I do a fair bit of culinary history, but I’m primarily a food historian. In case you’re not sure what the difference is, a culinary historian studies the origin or development of recipes or dishes, while a food historian studies ingredients. The two areas of study are closely related, and one often strays into the other, but I tend to focus on tracking down things like where chickens came from or what it took to get pepper onto the tables of the world. If you’ve read my blog for a while, you also know that I love the whole travel-food-culture connection, as well. I suspect there’s a bit of that in everyone who does either food or culinary history — because food is so tied into our humanity and our history. We all eat. We all want to eat well.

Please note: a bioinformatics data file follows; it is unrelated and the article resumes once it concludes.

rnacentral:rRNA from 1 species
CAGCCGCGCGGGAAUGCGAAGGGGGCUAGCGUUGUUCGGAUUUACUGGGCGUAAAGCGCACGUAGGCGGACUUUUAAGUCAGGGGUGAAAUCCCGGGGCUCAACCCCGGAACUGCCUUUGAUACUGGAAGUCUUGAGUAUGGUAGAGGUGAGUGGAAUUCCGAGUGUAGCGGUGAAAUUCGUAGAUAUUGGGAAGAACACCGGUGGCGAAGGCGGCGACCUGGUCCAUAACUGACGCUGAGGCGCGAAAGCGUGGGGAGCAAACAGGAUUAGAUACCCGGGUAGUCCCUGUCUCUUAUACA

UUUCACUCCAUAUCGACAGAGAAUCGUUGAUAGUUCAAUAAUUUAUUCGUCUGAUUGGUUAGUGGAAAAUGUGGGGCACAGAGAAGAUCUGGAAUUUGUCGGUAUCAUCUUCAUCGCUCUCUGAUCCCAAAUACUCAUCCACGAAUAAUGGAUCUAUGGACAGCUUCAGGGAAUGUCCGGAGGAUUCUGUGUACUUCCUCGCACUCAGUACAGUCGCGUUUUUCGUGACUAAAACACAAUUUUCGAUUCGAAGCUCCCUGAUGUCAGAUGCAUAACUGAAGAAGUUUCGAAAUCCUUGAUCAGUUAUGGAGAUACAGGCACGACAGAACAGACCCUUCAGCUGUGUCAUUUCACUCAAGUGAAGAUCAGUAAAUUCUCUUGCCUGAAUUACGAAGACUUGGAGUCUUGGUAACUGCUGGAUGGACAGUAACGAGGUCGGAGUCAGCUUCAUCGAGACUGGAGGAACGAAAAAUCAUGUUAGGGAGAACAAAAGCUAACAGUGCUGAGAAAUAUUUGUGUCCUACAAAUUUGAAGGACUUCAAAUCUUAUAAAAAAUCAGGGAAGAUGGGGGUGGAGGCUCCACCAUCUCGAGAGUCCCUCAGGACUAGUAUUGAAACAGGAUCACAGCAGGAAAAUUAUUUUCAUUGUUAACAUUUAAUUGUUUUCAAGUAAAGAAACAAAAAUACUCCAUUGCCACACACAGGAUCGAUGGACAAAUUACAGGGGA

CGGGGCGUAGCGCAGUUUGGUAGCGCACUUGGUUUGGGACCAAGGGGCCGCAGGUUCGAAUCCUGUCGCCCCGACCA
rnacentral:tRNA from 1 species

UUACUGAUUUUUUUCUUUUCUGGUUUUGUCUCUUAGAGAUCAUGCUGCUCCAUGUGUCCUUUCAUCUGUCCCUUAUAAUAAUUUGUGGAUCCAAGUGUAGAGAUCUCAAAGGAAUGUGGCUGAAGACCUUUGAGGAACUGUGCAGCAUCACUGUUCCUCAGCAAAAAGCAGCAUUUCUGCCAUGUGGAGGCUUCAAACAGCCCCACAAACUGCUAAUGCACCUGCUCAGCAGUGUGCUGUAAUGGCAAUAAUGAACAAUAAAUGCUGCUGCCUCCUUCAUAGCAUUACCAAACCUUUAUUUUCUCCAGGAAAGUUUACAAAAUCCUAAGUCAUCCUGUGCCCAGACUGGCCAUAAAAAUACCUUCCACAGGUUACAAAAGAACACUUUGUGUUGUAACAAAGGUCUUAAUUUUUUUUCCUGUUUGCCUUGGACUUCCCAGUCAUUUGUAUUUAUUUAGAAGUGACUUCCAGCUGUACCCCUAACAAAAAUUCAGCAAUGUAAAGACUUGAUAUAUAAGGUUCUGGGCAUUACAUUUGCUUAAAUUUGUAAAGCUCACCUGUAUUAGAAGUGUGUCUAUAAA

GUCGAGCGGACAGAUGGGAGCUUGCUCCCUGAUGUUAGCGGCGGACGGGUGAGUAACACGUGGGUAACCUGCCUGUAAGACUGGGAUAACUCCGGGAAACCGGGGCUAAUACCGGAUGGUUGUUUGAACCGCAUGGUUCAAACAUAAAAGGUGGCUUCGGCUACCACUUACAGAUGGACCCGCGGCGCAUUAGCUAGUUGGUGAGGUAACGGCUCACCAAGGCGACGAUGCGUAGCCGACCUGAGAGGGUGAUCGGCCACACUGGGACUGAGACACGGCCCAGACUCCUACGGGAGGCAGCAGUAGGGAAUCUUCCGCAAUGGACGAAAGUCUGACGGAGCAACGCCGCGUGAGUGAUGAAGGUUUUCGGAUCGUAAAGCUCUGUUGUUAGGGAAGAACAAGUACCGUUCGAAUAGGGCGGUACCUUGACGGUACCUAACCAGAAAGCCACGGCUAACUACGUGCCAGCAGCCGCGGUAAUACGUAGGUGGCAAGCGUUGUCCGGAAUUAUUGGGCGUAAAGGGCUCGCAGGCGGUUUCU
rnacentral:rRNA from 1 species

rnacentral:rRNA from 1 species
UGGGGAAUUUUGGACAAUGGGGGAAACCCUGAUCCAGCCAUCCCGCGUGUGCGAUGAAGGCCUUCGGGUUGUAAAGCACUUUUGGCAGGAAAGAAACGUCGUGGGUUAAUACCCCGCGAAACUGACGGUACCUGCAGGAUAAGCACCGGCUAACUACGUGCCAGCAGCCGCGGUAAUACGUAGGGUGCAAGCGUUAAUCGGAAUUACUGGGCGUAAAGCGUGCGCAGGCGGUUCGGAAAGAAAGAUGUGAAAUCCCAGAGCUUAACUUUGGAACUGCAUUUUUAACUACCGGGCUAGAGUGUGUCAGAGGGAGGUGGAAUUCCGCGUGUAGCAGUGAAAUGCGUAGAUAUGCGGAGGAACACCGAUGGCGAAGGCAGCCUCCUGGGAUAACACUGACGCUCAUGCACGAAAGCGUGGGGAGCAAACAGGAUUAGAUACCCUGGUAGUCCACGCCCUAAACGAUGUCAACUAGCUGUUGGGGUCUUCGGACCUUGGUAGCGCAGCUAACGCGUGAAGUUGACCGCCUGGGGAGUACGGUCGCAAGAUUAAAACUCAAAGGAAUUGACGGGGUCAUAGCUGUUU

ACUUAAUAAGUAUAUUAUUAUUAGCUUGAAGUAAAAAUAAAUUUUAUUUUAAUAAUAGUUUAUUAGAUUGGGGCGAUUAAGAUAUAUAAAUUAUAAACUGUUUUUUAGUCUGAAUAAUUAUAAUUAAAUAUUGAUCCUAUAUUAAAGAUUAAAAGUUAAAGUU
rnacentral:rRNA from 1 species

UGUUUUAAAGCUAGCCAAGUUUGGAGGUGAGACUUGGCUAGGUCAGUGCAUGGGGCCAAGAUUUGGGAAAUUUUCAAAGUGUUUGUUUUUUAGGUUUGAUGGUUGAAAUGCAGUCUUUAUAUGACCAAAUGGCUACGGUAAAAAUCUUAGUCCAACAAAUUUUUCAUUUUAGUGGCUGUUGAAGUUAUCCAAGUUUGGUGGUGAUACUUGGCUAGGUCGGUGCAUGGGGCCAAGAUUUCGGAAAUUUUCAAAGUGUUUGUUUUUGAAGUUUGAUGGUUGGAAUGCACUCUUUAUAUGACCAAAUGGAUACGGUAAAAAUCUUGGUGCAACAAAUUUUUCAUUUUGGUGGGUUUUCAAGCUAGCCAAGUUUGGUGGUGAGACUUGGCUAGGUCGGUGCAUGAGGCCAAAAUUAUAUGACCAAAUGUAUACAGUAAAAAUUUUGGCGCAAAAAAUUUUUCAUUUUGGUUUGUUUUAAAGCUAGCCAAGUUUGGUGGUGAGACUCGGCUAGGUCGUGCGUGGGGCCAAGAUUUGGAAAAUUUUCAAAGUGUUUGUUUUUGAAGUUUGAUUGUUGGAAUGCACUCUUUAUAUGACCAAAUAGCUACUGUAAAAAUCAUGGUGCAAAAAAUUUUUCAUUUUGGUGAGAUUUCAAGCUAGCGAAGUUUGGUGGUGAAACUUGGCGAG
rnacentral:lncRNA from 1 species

Fortunately, I’m far from being alone in this area of interest. There are a lot of people doing fascinating research in a tremendous range of both recipes and ingredients. One place you can read excellent articles by some of these folks is at The History Kitchen. This site combines the efforts of a number of historians, and it’s more focused on culinary history — so some dandy recipes, as well as fun history. Of course, I hope you’ll come back here, for travel tales and stories about ingredients, but I do think it’s fun that you can also learn about everything from what soldiers ate during the Civil War to a cocktail Hemingway drank to a cake Andy Griffith liked.